This new scientific discovery by researchers at Oak Ridge National Laboratory, USA has two-fold advantages for the ecology. Thus, in addition to having developed a technique for extracting and processing black carbon which is needed for the manufacturing of lithium-ion batteries, scientists have revealed a recycling process chain for the used tires. While at the same time, it also reduces the manufacturing cost of said batteries.
It should soon be possible to build lithium-ion batteries with tires. However, carbon black, which replaces the graphite content in the anode of a battery, is not directly present in the tires. It must first be brought to life through a very specific process: the tire is initially crushed and then chemically processed to obtain a chemical product which is then burned by pyrolysis. It is only after that it is possible to extract carbon black.
This process is very encouraging ecologically. Thus Professor Parans Paranthaman, a member of the team in charge of the project, explains: “The use of scrap tires for products such as energy storage is very attractive not only in terms of recovery carbon, but also to control environmental hazards caused by tire waste. “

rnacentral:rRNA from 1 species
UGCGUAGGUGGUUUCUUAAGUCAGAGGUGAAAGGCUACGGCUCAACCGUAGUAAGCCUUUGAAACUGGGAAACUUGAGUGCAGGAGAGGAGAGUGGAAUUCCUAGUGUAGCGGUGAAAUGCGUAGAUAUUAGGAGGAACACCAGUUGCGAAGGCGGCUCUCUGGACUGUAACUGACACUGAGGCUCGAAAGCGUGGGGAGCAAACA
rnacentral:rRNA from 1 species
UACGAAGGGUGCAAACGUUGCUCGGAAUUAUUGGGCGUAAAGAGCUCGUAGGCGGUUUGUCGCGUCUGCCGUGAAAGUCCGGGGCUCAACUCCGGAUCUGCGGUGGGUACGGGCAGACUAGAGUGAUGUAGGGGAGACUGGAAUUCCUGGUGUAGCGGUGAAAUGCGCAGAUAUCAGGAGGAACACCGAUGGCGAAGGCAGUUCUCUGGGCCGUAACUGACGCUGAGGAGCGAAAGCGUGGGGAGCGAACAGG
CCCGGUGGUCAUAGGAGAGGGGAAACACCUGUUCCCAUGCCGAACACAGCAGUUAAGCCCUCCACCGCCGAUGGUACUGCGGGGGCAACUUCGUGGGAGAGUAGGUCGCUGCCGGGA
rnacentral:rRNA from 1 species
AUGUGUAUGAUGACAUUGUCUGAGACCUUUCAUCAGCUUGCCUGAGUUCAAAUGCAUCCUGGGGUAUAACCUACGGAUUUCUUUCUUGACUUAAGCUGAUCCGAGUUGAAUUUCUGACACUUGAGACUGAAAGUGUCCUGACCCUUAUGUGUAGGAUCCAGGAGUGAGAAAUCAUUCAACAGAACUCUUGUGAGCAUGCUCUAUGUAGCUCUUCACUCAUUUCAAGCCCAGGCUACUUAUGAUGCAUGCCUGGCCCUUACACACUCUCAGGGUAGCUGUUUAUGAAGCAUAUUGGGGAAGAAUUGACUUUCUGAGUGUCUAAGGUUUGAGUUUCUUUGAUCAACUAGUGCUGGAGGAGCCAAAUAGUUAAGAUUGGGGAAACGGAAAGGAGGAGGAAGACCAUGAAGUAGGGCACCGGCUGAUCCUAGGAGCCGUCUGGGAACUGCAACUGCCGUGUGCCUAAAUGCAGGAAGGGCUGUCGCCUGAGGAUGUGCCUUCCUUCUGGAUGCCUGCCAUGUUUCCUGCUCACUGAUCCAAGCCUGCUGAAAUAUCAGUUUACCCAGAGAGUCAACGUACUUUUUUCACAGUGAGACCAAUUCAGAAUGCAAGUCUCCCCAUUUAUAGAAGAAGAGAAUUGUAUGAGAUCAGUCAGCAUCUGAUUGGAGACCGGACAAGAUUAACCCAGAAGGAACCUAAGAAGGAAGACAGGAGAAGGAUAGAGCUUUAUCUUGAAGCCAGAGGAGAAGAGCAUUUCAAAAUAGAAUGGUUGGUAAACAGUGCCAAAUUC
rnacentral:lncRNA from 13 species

A first prototype of such lithium-ion battery has already been (successfully) tested in the laboratory. It goes without saying that the solution found by the scientists at the Oak Ridge National Laboratory should satisfy many people. And we understand why: the replacement of graphite with carbon black allows a reduction in manufacturing cost! Although, no date for the final sale of the product has yet been mentioned, researchers are making efforts to make their technology available to industrial partners for the production of Lithium-ion batteries.
The solution found by the American scientists is very encouraging, both for the future of the planet to and for the various industries using lithium-ion batteries. We admire the efforts of the researchers who are making every possible effort to always find more ecological and economical energy alternative. Do you think this recycling process can greatly help the ecology of our planet?